2018: About 20 months into the post now, Office Depot’s CEO Gerry Smith had a year that was perhaps a little less dramatic than that of its chief rival Staples in terms of potential overall impact on the industry, but it was equally as eventful. Smith’s strategy to become a more driven and energised B2B services-focused, omnichannel reseller with a real penetration into the SMB market is beginning to bear fruit.
The US-based reseller added three more very sizeable independent dealers to its portfolio over the past year – Western US dealer Complete Office Solutions in October 2017, New Mexico-based Sandia Office Supply in March 2018 and then finally leading Chicago area reseller Garvey’s Office Products in August.
The acquisitions added several hundred million dollars to Depot’s top line. All three companies continue to operate under the same names and are separate entities within Depot’s Business Solutions Division (BSD), essentially meaning that Depot merely acts as a wholesaler for these local dealers.
Starting to reflect the importance of the acquisitions as well as its e-commerce growth, in its Q2 results, BSD reported sales of $1.3 billion, up 4% compared to the second quarter of 2017. Without the impact of the added dealers, sales were relatively flat vis-à-vis the prior year.
Retail continued to be down 5% to $1.05 billion but overall, Depot’s Q2 results were heavily influenced by last year’s acquisition of CompuCom, pushing total company sales up 11% to just over $2.6 billion.
Smith was certainly pleased with the company’s performance in the quarter and says that “the execution of our strategy is driving improved sales trends across all three of our operating divisions”.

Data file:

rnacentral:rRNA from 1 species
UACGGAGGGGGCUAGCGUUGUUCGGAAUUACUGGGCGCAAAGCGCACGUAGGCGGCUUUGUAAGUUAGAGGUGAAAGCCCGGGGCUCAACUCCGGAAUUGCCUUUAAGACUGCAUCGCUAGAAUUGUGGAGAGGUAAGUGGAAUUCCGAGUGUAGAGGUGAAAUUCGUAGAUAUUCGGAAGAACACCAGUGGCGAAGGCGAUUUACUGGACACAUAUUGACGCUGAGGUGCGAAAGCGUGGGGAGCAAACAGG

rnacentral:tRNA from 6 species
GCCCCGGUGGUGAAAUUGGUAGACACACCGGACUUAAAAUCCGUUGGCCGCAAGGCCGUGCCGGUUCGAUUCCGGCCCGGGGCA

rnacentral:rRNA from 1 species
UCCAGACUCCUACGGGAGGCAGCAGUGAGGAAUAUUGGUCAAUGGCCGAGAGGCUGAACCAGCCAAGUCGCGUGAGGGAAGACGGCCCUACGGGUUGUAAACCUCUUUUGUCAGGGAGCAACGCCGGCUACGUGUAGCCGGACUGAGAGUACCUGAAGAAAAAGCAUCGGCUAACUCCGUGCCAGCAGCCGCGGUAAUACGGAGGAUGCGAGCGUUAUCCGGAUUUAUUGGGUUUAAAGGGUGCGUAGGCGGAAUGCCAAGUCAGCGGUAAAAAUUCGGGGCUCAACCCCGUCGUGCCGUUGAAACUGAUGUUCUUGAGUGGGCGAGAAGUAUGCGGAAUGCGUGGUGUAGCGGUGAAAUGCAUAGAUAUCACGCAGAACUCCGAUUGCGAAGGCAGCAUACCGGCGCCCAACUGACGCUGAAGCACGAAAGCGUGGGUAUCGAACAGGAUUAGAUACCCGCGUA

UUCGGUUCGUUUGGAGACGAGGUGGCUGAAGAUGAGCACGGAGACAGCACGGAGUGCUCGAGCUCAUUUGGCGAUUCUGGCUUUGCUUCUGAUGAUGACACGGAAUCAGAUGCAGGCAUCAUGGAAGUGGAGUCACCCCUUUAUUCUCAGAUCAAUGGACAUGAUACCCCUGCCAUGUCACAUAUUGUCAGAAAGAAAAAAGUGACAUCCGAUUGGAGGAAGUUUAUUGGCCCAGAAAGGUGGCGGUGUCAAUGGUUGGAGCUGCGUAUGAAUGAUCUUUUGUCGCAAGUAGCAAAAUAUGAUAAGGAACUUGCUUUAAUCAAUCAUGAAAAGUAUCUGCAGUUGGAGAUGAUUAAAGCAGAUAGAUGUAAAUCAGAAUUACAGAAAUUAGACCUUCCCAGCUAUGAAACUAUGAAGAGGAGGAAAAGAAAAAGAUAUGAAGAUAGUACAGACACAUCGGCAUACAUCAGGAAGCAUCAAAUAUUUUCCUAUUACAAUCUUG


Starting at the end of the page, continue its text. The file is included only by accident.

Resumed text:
Office Depot also completed the sale of the OfficeMax business in New Zealand to Platinum Equity in May.
2017: Gerry Smith was named CEO of Office Depot in February 2017, succeeding Roland Smith who retired from the company after three years at the helm.
Addressing its strategic goals remains a work in progress at the big-box operator. Indeed, the goalposts themselves have seemingly been moved under Smith’s leadership. For a start, there appears to be more of a retail – or perhaps more appropriately omnichannel – focus at the reseller.
In its most recent quarterly results, Depot’s sales performance at the Business Solutions Division (BSD) were disappointing, with the top line down 6% compared to the year-ago quarter. This was despite expectations that sales trends in BSD would begin to improve following the disruption that occurred during the failed merger process with Staples.
Smith had already said previously that the reseller’s stores would play a pivotal role in the company’s future and be a key part of its supply chain footprint as it ramps up initiatives such as buy online/pick up in store and ship from store. There has also been good news from its ‘store of the future’ pilot stores, which have reported improved sales versus its traditional group of stores.
Smith is clearly not putting all his eggs in one basket, preferring instead an all-round integrated purchasing experience for customers. In September, the company started collaborating with supply chain software platform Elementum to help boost e-commerce operations and strengthen its omnichannel operations.
Having previously worked in senior roles at global technology firms Lenovo and beforehand Dell, Smith has become well-versed in defining and leading ambitious growth objectives and operational efficiencies, driving both increases in market share and profitability at the two companies.
When Smith was appointed, Warren Bryant, Lead Director of Depot’s Board of Directors and Chair of the CEO Search Committee, referred to his “significant operating expertise” and his “ability to lead large, complex organisations”.